West Texas Intermediate (WTI) has risen about 16 percent this year to 16-month highs last week on strong demand from refiners, optimism about the U.S. economy and efforts to drain a supply glut at the WTI storage hub of Cushing, Oklahoma. Brent crude has declined 3 percent this year, by comparison.
WTI traded at about $107 a barrel at mid-afternoon in Asia on Tuesday, while Brent was at $108.38. It briefly traded at a premium to Brent on Friday for the first time in almost three years.
David Lennox, resource analyst at Australian trading firm Fat Prophets, said the price of WTI is set to correct by as much as 35 percent from current levels by the end of the year as investors realize that U.S. demand levels are not as strong as originally thought.
"The WTI price should be south of where it is now," he said. "We think it should be around $70 to $95, so we are in line for a reasonable correction by the end of the year if demand continues to be muted."
"Certainly if we saw things calm down in the Middle East that could be a further downward trigger, or if U.S. demand turns out to not be as strong as the current WTI price is making it seem," he added. Political turbulence in Egypt has helped boost oil prices in recent weeks.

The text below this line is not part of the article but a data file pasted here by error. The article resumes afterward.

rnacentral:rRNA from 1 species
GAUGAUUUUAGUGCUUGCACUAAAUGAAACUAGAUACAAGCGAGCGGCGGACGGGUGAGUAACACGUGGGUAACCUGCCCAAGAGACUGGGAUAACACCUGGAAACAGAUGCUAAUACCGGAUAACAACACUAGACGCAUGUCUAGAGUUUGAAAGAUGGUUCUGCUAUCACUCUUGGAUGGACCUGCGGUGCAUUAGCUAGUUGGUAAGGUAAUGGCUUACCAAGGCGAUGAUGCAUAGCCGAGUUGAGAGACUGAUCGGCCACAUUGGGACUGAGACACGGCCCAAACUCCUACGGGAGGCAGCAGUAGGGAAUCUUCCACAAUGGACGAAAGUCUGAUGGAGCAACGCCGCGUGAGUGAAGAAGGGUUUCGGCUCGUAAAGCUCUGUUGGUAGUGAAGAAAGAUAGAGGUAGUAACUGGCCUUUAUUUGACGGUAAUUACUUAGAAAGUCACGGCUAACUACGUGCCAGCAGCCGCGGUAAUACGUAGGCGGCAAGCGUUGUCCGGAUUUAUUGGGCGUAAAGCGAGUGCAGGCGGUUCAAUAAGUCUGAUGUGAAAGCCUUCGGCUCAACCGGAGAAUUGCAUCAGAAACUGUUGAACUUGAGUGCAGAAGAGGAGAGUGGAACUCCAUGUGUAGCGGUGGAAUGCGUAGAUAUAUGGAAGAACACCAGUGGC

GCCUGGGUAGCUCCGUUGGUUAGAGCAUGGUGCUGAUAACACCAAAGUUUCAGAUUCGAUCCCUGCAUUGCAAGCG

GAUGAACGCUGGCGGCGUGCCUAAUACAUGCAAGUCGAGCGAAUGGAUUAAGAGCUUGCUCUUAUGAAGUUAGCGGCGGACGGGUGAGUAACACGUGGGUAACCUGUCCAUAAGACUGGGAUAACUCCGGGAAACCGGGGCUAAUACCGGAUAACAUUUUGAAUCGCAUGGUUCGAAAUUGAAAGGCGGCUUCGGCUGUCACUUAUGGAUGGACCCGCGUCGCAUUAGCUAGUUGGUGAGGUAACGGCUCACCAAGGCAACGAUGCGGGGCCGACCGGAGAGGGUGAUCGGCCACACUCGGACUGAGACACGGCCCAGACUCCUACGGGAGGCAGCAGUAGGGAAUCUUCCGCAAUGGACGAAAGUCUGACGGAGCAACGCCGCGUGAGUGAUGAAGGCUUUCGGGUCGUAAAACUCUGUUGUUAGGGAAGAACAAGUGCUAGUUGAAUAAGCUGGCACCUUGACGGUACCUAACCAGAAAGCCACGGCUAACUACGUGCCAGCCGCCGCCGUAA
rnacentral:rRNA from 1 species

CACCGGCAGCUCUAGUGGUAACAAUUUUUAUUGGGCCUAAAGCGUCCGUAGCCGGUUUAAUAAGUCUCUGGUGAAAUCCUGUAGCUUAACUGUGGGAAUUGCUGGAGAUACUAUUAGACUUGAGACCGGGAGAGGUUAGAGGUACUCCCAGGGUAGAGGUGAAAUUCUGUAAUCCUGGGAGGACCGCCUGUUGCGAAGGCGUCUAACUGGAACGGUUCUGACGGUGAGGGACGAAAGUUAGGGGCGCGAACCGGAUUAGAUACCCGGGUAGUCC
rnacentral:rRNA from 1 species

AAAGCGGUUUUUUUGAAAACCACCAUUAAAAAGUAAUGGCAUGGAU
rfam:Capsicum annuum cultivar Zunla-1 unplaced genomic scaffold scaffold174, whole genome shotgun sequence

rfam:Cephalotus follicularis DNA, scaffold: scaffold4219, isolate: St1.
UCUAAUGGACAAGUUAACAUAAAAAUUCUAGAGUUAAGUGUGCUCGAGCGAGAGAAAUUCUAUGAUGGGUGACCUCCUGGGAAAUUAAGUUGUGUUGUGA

Steep falls ahead?
U.S. crude has traded at a discount to Brent over the past few years, though from 2000 to 2010, WTI traded at a premium to Brent.
The recent sharp rise in WTI prices, which has narrowed the gap with Brent crude by more than $20 a barrel over the past five months, has taken many analysts by surprise and some warn of a potential 'flash-crash' in U.S. oil prices.
"We will see a very sharp and rapid movement [correction], and we will be going short as we think WTI is overvalued at these levels... we could see moves of 5-10 percent, [in the short-term,]" said Andrew Su, chief executive officer at Compass Global Markets.
Su said the correction was likely to extend further out, with WTI prices likely to fall almost 16 percent to about $90 per barrel in the fourth quarter, and almost 30 percent in total over the next 12 months to $75 per barrel.
"This move will coincide with a sharp correction in the U.S. equity markets that will be likely within the next month and precipitated by data out of China that indicates a greater than expected slowing of the economy there," he added.
(Read More: Here's where high oil prices could really pinch)
China is the world's largest oil importer, according to the U.S. Energy Information Administration (EIA), and any slowdown in its economy is expected to lead to reduced demand for oil imports.
A booming global shale gas industry also threatens to dent demand for U.S. crude in the long term, analysts said.
"In September 2007 we had a similar situation where we couldn't really pick out who was the main buyer but we had these rallies in the [WTI] market," said Jonathan Barratt, CEO of commodities research website BarrattsBulletin.com.
"We don't know who the buyer is but in the absence of them continuing, the market is technically very long, and that [chance of a] 'flash crash' becomes quite true if the fundamental picture doesn't come round quickly," he said.
- By CNBC's Katie Holliday: Follow her on Twitter @hollidaykatie